The station feels very different since close. We're now down to 60 people, from a summer peak of 264, and you can tell. The hallways are generally empty, the science lab is quiet and dimly lit, the galley is never more than half full, and a surprising feeling of peace reigns over it all.
The day after station close, it snowed. Not just ice condensing from the air, but full on snow, 2 inches of it, and with it came warm temperatures. The air shot up from -46C one day to -33C the next. By south pole standards, it was practically balmy out.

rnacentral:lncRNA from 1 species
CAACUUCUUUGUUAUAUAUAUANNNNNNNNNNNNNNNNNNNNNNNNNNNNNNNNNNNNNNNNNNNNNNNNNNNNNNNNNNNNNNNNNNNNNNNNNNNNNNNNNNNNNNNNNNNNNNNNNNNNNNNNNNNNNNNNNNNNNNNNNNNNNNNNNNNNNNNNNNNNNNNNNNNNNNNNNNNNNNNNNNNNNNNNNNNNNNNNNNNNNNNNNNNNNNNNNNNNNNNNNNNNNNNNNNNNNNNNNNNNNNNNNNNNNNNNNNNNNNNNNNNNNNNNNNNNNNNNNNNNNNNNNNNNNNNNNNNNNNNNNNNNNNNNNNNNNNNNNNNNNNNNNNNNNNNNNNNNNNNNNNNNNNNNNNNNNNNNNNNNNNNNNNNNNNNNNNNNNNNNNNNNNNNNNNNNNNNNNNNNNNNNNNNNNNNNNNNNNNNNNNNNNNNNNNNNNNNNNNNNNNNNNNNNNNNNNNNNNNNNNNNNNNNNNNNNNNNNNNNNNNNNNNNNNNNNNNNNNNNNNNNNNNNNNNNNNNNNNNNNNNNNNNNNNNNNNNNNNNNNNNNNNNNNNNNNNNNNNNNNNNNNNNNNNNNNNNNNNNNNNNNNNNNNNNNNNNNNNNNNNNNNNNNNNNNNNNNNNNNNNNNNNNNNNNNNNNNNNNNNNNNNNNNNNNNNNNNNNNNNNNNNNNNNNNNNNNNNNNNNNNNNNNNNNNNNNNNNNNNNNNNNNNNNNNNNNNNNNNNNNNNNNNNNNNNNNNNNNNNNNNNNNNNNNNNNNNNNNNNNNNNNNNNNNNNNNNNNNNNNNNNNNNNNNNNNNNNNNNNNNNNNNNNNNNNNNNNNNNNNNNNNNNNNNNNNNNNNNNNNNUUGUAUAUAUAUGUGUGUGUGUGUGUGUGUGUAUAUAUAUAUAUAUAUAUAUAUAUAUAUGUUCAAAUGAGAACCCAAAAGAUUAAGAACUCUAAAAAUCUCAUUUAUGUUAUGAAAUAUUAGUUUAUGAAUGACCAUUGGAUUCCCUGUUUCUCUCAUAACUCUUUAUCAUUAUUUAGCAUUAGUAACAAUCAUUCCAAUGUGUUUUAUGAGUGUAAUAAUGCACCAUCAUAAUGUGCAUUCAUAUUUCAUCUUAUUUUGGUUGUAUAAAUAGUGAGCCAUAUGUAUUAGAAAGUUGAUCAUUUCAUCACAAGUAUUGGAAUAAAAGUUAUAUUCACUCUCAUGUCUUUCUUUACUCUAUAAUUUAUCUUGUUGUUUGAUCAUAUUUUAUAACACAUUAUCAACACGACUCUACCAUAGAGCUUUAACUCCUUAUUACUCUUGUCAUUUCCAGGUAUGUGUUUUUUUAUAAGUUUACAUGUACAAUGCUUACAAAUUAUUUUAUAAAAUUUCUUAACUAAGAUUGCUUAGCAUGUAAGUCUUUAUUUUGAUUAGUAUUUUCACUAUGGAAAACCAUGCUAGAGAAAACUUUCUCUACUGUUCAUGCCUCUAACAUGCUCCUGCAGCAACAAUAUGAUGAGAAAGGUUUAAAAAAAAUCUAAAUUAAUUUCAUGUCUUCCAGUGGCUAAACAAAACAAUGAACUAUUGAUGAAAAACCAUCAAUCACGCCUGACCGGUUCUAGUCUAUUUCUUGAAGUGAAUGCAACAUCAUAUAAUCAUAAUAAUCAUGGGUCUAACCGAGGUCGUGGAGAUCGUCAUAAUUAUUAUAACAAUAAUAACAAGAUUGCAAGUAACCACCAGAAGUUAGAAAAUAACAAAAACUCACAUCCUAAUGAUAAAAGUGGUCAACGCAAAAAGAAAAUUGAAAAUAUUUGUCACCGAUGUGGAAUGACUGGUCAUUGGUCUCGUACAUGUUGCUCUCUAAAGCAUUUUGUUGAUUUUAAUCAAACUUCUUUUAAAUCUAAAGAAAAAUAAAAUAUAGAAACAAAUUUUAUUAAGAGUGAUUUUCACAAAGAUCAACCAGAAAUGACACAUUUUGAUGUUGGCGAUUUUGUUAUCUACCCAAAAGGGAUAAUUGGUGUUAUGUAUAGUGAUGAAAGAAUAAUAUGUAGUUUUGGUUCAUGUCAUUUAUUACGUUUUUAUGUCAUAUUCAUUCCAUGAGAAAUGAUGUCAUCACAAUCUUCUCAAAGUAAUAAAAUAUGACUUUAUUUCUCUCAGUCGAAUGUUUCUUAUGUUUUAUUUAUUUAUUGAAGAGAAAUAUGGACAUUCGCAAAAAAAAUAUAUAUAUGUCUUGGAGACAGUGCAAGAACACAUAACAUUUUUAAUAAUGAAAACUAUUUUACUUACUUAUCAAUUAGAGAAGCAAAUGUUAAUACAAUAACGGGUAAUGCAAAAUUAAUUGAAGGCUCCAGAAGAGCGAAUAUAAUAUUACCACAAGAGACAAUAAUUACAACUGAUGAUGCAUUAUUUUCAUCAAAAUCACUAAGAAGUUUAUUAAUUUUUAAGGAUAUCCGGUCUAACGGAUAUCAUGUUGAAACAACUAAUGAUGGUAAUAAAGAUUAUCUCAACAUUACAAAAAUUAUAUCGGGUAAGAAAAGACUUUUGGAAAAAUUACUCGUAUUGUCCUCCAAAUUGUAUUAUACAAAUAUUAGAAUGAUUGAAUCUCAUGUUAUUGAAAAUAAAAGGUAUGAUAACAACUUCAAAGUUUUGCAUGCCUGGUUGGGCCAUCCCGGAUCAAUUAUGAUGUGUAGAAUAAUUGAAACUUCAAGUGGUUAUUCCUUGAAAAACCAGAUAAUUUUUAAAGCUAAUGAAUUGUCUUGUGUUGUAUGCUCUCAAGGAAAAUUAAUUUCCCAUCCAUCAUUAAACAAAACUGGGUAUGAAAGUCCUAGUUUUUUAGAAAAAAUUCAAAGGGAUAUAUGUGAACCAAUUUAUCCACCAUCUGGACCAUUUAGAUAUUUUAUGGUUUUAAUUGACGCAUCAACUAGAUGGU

Most machinery has been stored for winter, and very few people are out these days. On the walk out to DSL, all you could hear was the wind and your footsteps crunching in the snow. Today, even the wind died off, and if you stood still, there wasn't a sound to heard. After the hectic 36-hour-a-day schedule of the summer, it's a nice relaxing change of pace. (Don't get me wrong - we're still working 18 hours/day and have our hands more than full; the environment is just completely different.)